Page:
Support Women and Minorities in Registered Apprenticeship Programs

For the first time in 30 years, the United States Department of Labor ("DOL") is planning to amend the laws relating to how women and minorities participate in Registered Apprenticeship Programs. As part of the process to change the laws, the DOL will be asking the public to comment about how to improve these laws.

This is a rare and important opportunity for tradeswomen and their allies to tell the government about what is and what is not working in registered apprenticeship programs. It is critical that the government have a clear understanding of the challenges faced by women and minorities in these programs so that appropriate changes can be made to the laws.

Legal Momentum and the National Taskforce on Tradeswomen's Issues want to make sure that the government hears from you.


Learn more about women and minorities in apprenticeship programs and how we can impact the laws relating to those programs.

Public Feedback Needed

Legal Momentum and the National Taskforce on Tradeswomen's Issues want to make sure that the government hears from you. There are two phases to this process:

Phase 1

Make sure that the DOL hears from women who have real experiences with apprenticeship programs:

  1. Sign up to get email alerts when the DOL sends out their proposed changes and to get information about how to respond. Send us an email at to register.
  2. Tell other tradeswomen about the upcoming changes to the laws and how important it is for them to be involved and share their stories with the DOL. Ask them to visit the website at and to sign up for the email alerts.
  3. Tell your friends, families and collegues about the DOL proposals. Ask them to sign up for the email alerts too.
  4. Review the posted materials to learn more about the registered apprenticeship equal opportunity regulations and how to tell the DOL about your experiences:
    1. Review the slides posted on the website Apprenticeship Advocacy Presentation explaining more about this issue;
    2. Start thinking about the positive experiences that you had or the good practices that you saw in your apprenticeship program which you think should be shared to benefit others; and,
    3. Start thinking about the specific challenges which you faced in your apprenticeship program and what things could have been done which would have made your apprenticeship better.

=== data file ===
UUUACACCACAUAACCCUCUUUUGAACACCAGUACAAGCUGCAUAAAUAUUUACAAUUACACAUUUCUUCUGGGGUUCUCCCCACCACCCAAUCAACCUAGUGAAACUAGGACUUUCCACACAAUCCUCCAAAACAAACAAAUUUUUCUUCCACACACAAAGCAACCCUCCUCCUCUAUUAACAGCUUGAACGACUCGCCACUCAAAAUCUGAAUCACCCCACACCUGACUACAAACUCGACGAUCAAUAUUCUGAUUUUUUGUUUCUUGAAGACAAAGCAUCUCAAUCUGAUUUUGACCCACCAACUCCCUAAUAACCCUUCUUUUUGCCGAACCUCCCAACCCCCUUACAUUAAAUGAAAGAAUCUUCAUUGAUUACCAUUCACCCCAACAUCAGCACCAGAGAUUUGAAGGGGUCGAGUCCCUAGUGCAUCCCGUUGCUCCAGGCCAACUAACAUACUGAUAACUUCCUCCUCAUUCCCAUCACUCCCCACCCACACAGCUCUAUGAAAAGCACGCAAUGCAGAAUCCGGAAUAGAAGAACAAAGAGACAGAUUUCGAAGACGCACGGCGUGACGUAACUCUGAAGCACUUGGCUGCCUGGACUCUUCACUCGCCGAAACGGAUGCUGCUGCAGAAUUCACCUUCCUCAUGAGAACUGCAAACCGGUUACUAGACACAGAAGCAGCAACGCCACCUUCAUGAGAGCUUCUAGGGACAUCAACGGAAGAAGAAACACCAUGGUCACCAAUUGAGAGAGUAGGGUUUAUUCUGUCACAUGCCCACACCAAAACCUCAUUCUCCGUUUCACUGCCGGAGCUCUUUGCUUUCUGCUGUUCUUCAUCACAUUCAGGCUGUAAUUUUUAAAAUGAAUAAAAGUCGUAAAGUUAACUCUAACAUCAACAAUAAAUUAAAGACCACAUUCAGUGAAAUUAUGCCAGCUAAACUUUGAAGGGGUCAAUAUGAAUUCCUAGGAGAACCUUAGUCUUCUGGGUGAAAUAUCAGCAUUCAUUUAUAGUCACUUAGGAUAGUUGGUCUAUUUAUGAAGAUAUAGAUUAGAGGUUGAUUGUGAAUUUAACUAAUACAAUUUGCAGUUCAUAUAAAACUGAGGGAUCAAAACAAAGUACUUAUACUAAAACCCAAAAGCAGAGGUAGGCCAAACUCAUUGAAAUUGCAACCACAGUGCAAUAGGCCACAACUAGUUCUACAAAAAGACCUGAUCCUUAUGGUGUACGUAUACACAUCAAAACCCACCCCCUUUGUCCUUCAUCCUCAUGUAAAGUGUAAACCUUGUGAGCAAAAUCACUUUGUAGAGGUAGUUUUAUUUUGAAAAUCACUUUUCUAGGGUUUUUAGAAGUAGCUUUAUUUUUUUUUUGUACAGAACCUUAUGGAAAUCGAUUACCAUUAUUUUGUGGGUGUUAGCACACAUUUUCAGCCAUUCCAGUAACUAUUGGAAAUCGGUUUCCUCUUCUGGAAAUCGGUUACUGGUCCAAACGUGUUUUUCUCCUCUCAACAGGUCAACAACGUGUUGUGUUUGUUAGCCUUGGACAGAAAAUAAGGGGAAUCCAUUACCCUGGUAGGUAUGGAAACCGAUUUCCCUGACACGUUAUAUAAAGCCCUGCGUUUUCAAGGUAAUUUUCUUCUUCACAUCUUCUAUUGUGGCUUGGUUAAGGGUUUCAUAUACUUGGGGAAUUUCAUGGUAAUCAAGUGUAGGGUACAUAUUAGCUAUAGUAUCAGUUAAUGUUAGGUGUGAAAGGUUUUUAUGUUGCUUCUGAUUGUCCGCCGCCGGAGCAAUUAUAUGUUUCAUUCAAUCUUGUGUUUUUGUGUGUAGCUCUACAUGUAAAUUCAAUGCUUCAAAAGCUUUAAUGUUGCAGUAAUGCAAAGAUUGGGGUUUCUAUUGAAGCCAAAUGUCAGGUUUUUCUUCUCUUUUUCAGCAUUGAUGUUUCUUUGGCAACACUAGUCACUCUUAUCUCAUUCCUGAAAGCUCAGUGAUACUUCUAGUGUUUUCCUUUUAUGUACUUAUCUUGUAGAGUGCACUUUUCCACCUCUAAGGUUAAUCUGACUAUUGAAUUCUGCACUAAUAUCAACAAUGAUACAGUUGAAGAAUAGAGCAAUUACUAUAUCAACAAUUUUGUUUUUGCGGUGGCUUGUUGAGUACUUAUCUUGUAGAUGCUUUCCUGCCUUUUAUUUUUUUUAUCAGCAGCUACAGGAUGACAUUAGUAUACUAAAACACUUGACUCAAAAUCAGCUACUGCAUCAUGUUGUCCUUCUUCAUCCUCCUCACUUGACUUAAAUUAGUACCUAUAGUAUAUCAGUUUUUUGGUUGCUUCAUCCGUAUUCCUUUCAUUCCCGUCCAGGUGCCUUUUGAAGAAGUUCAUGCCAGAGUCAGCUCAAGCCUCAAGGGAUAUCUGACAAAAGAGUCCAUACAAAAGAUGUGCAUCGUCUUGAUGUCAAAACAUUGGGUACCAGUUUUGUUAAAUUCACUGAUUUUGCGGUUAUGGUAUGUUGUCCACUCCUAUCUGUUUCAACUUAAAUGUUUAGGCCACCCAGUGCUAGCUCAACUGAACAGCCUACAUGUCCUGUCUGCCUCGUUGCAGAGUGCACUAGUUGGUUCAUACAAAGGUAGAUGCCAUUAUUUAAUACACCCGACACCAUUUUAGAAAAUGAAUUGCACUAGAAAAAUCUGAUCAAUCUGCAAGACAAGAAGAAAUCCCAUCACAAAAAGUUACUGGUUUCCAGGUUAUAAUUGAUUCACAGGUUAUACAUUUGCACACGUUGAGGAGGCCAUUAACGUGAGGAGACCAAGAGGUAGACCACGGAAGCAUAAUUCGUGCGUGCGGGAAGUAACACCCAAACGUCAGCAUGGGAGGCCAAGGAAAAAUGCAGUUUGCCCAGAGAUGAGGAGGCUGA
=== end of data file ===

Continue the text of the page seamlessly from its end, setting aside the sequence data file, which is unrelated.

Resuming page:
Phase 2

When the DOL formally asks the public to comment on the laws, we will post a list of the specific questions that the DOL would like addressed. We will also post sample letters which you can use to create your own letter to submit to the DOL. It is important for you to think about the specific questions that the DOL is asking about and to try to address some of these questions in your letter. We will also provide you with information about where and when to send in your letter.

View the Apprenticeship Advocacy Presentation →

Resources & Materials

  • Date:
    March 4, 2014

    Construction Trades Are Not Just For Men

  • Date:
    March 21, 2013
    The Department of Labor’s affirmative action mandate adopted in 1978 has failed to achieve its purpose, as women still hold fewer than three percent of skilled trades apprenticeships and jobs. Legal Momentum, the nation’s oldest nonprofit advocating for the legal rights of women in America, announced the release of a report detailing how the U.S. Department of Labor’s affirmative action regulations intended to significantly increase women’s participation in registered apprenticeship programs has failed to do so. “Still Excluded – There Are Still Virtually No Women In The Federally Created And Supervised Apprenticeship System For The Skilled Construction Trades” is an important analysis of the problems in the federally-created national Registered Apprenticeship system, including lack of federal oversight (compliance reviews), underfunding of the Women in Apprenticeship and Nontraditional Occupations Act, and discrimination and harassment of women who are in apprenticeships.
  • Date:
    March 1, 2013

    There are still virtually no women in the federally created and supervised apprenticeship system for the skilled construction trades.

  • A book for women and girls, men and boys—a book that celebrates women, their strength, the choices they make, the obstacles they overcome.

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